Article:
– Ages: a 6-year-old girl; an 8-year-old law; the 7-year-old house. Use hyphens for ages expressed as adjectives before a noun or as substitutes for a noun. A 5-year-old boy, but the boy is 5 years old. The boy, 5, has a sister, 10. The race is for 3-year-olds. The woman is in her 30s. 30-something, but Thirty-something to start a sentence. See ages.

– Planes, ships and spacecraft designations: B-2 bomber, Queen Elizabeth 2, QE2, Apollo 9, Viking 2. (Do not use hyphens.) An exception: Air Force One, the president’s plane. Use Roman numerals if they are part of the official designation: Titan I, Titan II. See aircraft names; boats, ships; spacecraft designations.

– Centuries. Use figures for numbers 10 or higher: 21st century. Spell out for numbers nine and lower: fifth century. (Note lowercase.)

For proper names, follow the organization’s usage: 20th Century Fox, Twentieth Century Fund.

– Court decisions: The Supreme Court ruled 5-4, a 5-4 decision. The word to is not needed, except in quotations: “The court ruled 5 to 4.”

– Dates, years and decades: Feb. 8, 2007, Class of ’66, the 1950s. For the Sept. 11, 2001, terrorist attacks, 9/11 is acceptable in all references.

– Decimals, percentages and fractions with numbers larger than 1: 7.2 magnitude quake, 3½ laps, 3.7 percent interest, 4 percentage points.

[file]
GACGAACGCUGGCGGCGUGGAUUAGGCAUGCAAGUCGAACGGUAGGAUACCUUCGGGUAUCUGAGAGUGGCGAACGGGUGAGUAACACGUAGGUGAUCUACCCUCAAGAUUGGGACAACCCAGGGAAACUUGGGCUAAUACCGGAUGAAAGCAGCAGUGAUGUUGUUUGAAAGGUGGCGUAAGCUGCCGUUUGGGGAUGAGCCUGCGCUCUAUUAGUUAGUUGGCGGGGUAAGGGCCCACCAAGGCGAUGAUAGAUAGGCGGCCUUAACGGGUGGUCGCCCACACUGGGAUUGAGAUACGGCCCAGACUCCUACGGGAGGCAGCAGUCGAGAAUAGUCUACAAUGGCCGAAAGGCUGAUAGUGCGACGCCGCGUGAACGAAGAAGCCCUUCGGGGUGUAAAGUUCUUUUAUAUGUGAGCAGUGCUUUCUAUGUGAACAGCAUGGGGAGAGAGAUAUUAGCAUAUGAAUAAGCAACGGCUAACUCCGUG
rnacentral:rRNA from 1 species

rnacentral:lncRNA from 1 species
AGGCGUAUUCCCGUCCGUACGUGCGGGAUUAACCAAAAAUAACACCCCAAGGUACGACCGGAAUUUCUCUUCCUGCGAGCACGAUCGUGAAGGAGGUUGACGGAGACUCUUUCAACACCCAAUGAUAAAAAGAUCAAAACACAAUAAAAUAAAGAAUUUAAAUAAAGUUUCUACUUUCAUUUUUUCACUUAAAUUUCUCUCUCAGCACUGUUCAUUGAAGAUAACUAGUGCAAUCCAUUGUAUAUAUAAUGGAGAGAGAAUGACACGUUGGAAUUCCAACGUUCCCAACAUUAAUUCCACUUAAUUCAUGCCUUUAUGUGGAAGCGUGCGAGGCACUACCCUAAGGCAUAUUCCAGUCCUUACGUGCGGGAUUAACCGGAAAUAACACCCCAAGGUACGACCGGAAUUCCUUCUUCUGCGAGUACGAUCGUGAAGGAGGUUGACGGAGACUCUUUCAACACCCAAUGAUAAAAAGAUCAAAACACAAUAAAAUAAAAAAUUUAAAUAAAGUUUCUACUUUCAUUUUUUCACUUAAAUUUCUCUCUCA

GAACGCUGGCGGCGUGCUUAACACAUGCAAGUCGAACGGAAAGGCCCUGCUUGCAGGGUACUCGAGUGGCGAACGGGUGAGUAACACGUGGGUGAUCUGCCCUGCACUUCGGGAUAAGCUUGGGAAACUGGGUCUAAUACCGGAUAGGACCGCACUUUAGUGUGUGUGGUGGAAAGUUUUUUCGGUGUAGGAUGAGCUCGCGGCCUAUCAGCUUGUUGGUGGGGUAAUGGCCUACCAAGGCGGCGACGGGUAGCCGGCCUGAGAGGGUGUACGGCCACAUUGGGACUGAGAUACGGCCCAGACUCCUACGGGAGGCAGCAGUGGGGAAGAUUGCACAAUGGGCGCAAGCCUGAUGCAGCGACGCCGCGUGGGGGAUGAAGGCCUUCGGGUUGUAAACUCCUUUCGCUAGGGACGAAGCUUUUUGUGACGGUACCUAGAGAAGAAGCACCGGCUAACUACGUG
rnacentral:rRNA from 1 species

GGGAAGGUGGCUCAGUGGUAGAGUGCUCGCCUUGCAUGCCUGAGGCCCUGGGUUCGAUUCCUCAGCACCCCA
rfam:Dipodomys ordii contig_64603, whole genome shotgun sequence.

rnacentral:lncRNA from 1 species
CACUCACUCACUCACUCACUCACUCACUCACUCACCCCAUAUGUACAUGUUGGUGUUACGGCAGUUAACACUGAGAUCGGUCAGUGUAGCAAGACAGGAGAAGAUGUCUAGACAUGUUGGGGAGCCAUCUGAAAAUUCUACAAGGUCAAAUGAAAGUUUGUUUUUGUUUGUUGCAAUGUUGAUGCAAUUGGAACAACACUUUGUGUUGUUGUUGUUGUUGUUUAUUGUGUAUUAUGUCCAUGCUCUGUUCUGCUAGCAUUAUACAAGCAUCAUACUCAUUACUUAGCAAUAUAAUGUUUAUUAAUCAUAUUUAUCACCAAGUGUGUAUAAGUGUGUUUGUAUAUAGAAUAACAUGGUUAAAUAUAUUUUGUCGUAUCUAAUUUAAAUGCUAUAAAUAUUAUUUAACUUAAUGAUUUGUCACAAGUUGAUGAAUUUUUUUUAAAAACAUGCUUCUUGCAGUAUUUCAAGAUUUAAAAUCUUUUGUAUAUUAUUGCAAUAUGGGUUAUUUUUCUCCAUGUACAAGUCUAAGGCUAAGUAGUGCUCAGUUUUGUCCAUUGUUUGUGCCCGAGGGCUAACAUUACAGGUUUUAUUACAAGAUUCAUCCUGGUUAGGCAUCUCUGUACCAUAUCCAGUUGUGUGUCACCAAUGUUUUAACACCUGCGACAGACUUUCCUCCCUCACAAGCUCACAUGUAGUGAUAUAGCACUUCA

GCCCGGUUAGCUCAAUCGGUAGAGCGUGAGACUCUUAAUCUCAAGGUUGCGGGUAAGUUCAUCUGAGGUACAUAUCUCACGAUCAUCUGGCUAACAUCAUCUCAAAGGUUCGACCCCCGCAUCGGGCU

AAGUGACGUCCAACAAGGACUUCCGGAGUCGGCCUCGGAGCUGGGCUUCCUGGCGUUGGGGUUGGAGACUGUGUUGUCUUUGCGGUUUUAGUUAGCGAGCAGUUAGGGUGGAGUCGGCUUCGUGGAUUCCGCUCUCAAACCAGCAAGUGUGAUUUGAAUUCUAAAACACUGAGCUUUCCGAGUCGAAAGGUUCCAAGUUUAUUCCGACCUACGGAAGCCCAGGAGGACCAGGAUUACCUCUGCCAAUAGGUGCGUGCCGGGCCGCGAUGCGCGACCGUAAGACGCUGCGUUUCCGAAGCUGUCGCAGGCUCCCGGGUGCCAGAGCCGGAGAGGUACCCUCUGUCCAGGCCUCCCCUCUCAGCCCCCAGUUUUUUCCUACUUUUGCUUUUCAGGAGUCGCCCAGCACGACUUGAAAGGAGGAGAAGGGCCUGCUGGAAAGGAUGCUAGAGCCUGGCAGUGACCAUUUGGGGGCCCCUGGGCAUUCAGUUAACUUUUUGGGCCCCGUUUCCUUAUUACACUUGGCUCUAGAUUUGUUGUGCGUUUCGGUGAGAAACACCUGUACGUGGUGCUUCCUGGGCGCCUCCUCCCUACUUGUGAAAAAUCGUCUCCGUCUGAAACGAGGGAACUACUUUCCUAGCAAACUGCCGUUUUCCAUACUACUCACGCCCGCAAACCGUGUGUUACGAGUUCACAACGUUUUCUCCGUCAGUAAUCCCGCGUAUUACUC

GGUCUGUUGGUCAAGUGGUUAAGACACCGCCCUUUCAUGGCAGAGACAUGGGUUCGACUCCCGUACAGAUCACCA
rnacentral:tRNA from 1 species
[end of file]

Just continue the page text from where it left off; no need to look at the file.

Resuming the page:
Decimalization should not exceed two places in most text material. An exception: blood alcohol content, expressed in three decimals, as in 0.056. For amounts less than 1, precede the decimal with a zero: The cost of living rose 0.03 percent. When the decimal is 1 or less, the type of measurement should be singular: 0.35 meter, 0.55 cubic foot, 0.75 kilometer. Spell out fractions less than 1, using hyphens between the words: two-thirds, four-fifths. In quotations, use figures for fractions: “He was 2½ laps behind with four to go.” See decimal units; fractions; percent.

– Dimensions, to indicate depth, height, length and width. Examples: He is 5 feet 6 inches tall, the 5-foot-6 man (“inch” is understood), the 5-foot man, the basketball team signed a 7-footer. The car is 17 feet long, 6 feet wide and 5 feet high. The rug is 9 feet by 12 feet, the 9-by-12 rug. A 9-inch snowfall. Exception: two-by-four. Spell out the noun, which refers to any length of building lumber 2 inches thick by 4 inches wide.

 See dimensions.

– Distances: He walked 4 miles. He missed a 3-foot putt.

– Golf clubs: 3-wood, 7-iron, 3-hybrid (note hyphen).

– Highway designations: Interstate 5, U.S. Highway 1, state Route 1A. (Do not abbreviate Route and do not hyphenate.)

 See highway designations.

– Mathematical usage: Multiply by 4, divide by 6. He added 2 and 2 but got 5.